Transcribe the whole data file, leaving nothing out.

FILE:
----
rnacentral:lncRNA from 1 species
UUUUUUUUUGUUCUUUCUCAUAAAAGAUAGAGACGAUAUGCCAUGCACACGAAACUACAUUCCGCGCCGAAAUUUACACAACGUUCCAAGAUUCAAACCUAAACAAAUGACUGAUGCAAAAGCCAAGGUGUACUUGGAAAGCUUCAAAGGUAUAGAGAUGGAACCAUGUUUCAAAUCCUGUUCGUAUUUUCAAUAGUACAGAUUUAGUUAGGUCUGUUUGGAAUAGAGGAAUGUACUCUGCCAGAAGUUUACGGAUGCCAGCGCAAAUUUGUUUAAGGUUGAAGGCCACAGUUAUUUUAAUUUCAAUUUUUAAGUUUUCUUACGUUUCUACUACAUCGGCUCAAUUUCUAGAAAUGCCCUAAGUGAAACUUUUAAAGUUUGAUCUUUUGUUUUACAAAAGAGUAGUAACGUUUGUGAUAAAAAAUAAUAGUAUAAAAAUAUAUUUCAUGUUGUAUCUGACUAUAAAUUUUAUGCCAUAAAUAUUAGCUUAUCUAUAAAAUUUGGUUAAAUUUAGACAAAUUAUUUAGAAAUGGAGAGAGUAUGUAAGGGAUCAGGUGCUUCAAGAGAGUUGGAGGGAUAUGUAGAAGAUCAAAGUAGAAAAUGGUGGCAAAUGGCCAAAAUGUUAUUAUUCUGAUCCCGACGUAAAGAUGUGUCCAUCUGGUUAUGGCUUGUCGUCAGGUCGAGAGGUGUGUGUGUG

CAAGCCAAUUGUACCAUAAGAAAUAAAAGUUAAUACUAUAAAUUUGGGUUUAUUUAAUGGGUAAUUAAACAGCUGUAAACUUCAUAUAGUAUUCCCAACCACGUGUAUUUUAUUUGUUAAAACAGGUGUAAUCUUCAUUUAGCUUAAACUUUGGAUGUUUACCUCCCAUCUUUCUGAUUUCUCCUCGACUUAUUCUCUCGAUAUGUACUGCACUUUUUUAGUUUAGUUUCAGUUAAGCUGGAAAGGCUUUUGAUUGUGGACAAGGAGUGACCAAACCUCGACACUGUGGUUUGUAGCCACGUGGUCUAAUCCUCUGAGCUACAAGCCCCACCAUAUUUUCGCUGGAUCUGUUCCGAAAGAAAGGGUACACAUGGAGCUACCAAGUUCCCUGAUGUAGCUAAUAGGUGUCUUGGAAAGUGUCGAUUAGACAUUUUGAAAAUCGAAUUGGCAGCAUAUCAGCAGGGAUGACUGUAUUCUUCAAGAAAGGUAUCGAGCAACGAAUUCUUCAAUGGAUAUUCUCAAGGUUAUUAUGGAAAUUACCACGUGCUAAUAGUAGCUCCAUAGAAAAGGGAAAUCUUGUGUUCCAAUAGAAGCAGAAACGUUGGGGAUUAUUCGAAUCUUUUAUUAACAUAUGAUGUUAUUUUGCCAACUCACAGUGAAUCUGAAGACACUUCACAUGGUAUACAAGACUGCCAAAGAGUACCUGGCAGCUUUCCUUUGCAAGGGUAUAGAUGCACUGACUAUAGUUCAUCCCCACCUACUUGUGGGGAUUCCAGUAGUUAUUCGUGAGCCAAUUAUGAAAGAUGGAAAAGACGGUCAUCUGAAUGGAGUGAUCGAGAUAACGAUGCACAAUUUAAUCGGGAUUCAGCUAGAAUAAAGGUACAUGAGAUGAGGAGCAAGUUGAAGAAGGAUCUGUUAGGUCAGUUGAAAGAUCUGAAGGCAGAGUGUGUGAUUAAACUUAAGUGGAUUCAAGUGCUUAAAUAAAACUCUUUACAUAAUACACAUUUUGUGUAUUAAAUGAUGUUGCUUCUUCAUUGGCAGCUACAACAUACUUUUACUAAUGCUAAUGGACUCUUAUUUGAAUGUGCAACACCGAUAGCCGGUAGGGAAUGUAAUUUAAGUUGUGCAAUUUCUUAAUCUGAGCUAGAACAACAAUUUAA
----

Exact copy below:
rnacentral:lncRNA from 1 species
UUUUUUUUUGUUCUUUCUCAUAAAAGAUAGAGACGAUAUGCCAUGCACACGAAACUACAUUCCGCGCCGAAAUUUACACAACGUUCCAAGAUUCAAACCUAAACAAAUGACUGAUGCAAAAGCCAAGGUGUACUUGGAAAGCUUCAAAGGUAUAGAGAUGGAACCAUGUUUCAAAUCCUGUUCGUAUUUUCAAUAGUACAGAUUUAGUUAGGUCUGUUUGGAAUAGAGGAAUGUACUCUGCCAGAAGUUUACGGAUGCCAGCGCAAAUUUGUUUAAGGUUGAAGGCCACAGUUAUUUUAAUUUCAAUUUUUAAGUUUUCUUACGUUUCUACUACAUCGGCUCAAUUUCUAGAAAUGCCCUAAGUGAAACUUUUAAAGUUUGAUCUUUUGUUUUACAAAAGAGUAGUAACGUUUGUGAUAAAAAAUAAUAGUAUAAAAAUAUAUUUCAUGUUGUAUCUGACUAUAAAUUUUAUGCCAUAAAUAUUAGCUUAUCUAUAAAAUUUGGUUAAAUUUAGACAAAUUAUUUAGAAAUGGAGAGAGUAUGUAAGGGAUCAGGUGCUUCAAGAGAGUUGGAGGGAUAUGUAGAAGAUCAAAGUAGAAAAUGGUGGCAAAUGGCCAAAAUGUUAUUAUUCUGAUCCCGACGUAAAGAUGUGUCCAUCUGGUUAUGGCUUGUCGUCAGGUCGAGAGGUGUGUGUGUG

CAAGCCAAUUGUACCAUAAGAAAUAAAAGUUAAUACUAUAAAUUUGGGUUUAUUUAAUGGGUAAUUAAACAGCUGUAAACUUCAUAUAGUAUUCCCAACCACGUGUAUUUUAUUUGUUAAAACAGGUGUAAUCUUCAUUUAGCUUAAACUUUGGAUGUUUACCUCCCAUCUUUCUGAUUUCUCCUCGACUUAUUCUCUCGAUAUGUACUGCACUUUUUUAGUUUAGUUUCAGUUAAGCUGGAAAGGCUUUUGAUUGUGGACAAGGAGUGACCAAACCUCGACACUGUGGUUUGUAGCCACGUGGUCUAAUCCUCUGAGCUACAAGCCCCACCAUAUUUUCGCUGGAUCUGUUCCGAAAGAAAGGGUACACAUGGAGCUACCAAGUUCCCUGAUGUAGCUAAUAGGUGUCUUGGAAAGUGUCGAUUAGACAUUUUGAAAAUCGAAUUGGCAGCAUAUCAGCAGGGAUGACUGUAUUCUUCAAGAAAGGUAUCGAGCAACGAAUUCUUCAAUGGAUAUUCUCAAGGUUAUUAUGGAAAUUACCACGUGCUAAUAGUAGCUCCAUAGAAAAGGGAAAUCUUGUGUUCCAAUAGAAGCAGAAACGUUGGGGAUUAUUCGAAUCUUUUAUUAACAUAUGAUGUUAUUUUGCCAACUCACAGUGAAUCUGAAGACACUUCACAUGGUAUACAAGACUGCCAAAGAGUACCUGGCAGCUUUCCUUUGCAAGGGUAUAGAUGCACUGACUAUAGUUCAUCCCCACCUACUUGUGGGGAUUCCAGUAGUUAUUCGUGAGCCAAUUAUGAAAGAUGGAAAAGACGGUCAUCUGAAUGGAGUGAUCGAGAUAACGAUGCACAAUUUAAUCGGGAUUCAGCUAGAAUAAAGGUACAUGAGAUGAGGAGCAAGUUGAAGAAGGAUCUGUUAGGUCAGUUGAAAGAUCUGAAGGCAGAGUGUGUGAUUAAACUUAAGUGGAUUCAAGUGCUUAAAUAAAACUCUUUACAUAAUACACAUUUUGUGUAUUAAAUGAUGUUGCUUCUUCAUUGGCAGCUACAACAUACUUUUACUAAUGCUAAUGGACUCUUAUUUGAAUGUGCAACACCGAUAGCCGGUAGGGAAUGUAAUUUAAGUUGUGCAAUUUCUUAAUCUGAGCUAGAACAACAAUUUAA